September 6th will see the awarding of the 19th annual Mercury Music Prize, bestowed upon the individual performer or group from the UK or Ireland who released the best album of the preceding year. Nominees and winners are chosen by industry professionals, and acts from all genres of music are considered.
Though Wikipedia claims that the prize “has a reputation for being awarded to outside chances rather than the favourites,” true upset victories have proven in fact just about as rare in this competition as in any award show. In the past 10 years, only two stunners have gone down, with Ms. Dynamite beating out a tough field which included David Bowie in 2002 and the Klaxons taking the prize most had booked for Amy Winehouse in 2007.
Last year’s Mercury winners were The xx, who started at 7/2 odds at bookmakers. The point? It’s worth checking out the odds on the Mercury Music Prize at sportsbook websites – So let’s do so!
Below runs the list of candidates with odds in “outright winner” proposition bets averaged from UK-based bookmakers Paddy Power, William Hill, and Ladbrokes.
PJ Harvey, Let England Shake: 11/8
Anna Calvi, self-titled: 14/3
James Blake, self-titled: 6/1
Adele, 21: 20/3
Metronomy, The English Riviera: 9/1
Ghostpoet, Peanut Butter Blues & Melancholy Jam: 28/3
Katy B, On A Mission: 50/3
King Creosote and Jon Hopkins, Diamond Mine: 22/1
Everything, Man Alive: 23/1
Tinie Tempah, Disc-Overy: 31/1
Elbow, Build a Rocket Boys!: 33/1
Gwilym Simcock: Good Days at Schloss Elmau: 50/1
Even if you believe in the shaky myth of the Mercury Music Prize darkhorse, punters and speculators can immediately eliminate the bottom, say, the bottom five. With the exception of Everything’s 16/1 at Paddy Power, all of these albums are getting 20/1 odds or longer at all three sportsbooks. Perhaps the somebody’s trying to tell you something. Remember, as LiveBetsDirect always says: Bookmakers have more to lose on a given proposition bet than anyone: The bookies *must* get the odds right in the name of profit!
At an aggregate 11/8, PJ Harvey naturally leads the pack; only the margin is surprising. The 2011 nod will mark her fourth nomination for the Mercury and she took the prize in 2001 for her “Stories from the City, Stories from the Sea.”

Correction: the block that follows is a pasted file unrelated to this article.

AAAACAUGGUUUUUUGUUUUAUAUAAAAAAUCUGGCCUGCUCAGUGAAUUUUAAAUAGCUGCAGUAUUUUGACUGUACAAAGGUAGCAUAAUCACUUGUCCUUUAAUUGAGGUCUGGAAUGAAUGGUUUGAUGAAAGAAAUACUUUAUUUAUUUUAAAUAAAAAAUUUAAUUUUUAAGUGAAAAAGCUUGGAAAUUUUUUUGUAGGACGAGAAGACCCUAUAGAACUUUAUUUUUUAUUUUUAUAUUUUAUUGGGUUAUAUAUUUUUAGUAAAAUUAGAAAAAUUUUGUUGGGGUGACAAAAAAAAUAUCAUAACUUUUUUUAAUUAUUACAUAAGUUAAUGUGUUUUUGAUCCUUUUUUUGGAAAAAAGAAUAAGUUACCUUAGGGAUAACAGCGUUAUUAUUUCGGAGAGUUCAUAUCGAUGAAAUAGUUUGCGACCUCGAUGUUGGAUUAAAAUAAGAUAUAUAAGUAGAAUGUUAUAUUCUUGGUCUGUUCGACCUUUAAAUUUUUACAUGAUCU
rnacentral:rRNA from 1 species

At least four years went into “Let England Shake,” and quite a few critics have billed the work from she who was once given the no. 1 spot in Q Magazine’s “100 Greatest Women in Rock Music” as one of her all-time best, and she was probably the odds-on favorite the millisecond after “Let England Shake” was first performed. Yes, Harvey is the safe bet, but not necessarily the most interesting.
Anna Calvi and James Blake will certainly get some play from the punters. And Calvi’s debut effort, with a little help from her big-league friends Brian Eno and Rob Ellis, is certainly a strong contender to pull off the upset. From a competitive standpoint, one should take pause at Calvi’s loss in the BBC “Sound of 2011” aggrandizement. On the other hand, any act which makes it big through YouTube (with the “Attic Sessions” videos; see directly below) is generally not to be trifled with.
The electronic stylings of Blake, meanwhile, were enough to win him second place in the aforementioned “Sound of 2011” poll; jumpstarted by the utterly infectious “Limit to Your Love,” “James Blake” the album was an international success that hit the top 40 in eight countries and the top 10 in six. His distinctive, standout style would surely seem to work well for him in contests such as this (again, refer to “Sounds of 2011”) and makes a good underdog to back.
Finally – and this is the one LiveBetsDirect really don’t get – Adele is down there at a cumulative 20/3 to win this “Mercury Music” thing resulting from a bunch of 6/1s and 7/1s. Now, is this just a case of bad timing on the powerful Adele’s part? According to this writer’s absolutely subjective experience, the songwriter-songstress dominated U.S., Spanish and Hungarian rock radio in 2011 with the songs of “21,” an awe-inspiring mixture of several American forms blending with her own signature style.
The relevant hometown statistics tell us that the holding of the no. 1 spot on the record charts in the U.K. for 11 weeks puts Adele in a class with Madonna and Bob Marley – unfortunately for her, she peaked in April and, you know, attention spans are so short and burnout so quick these damn days…
Grumpy old dude? Me? Maybe, but a happy one knowing people are still actually buying records somewhere.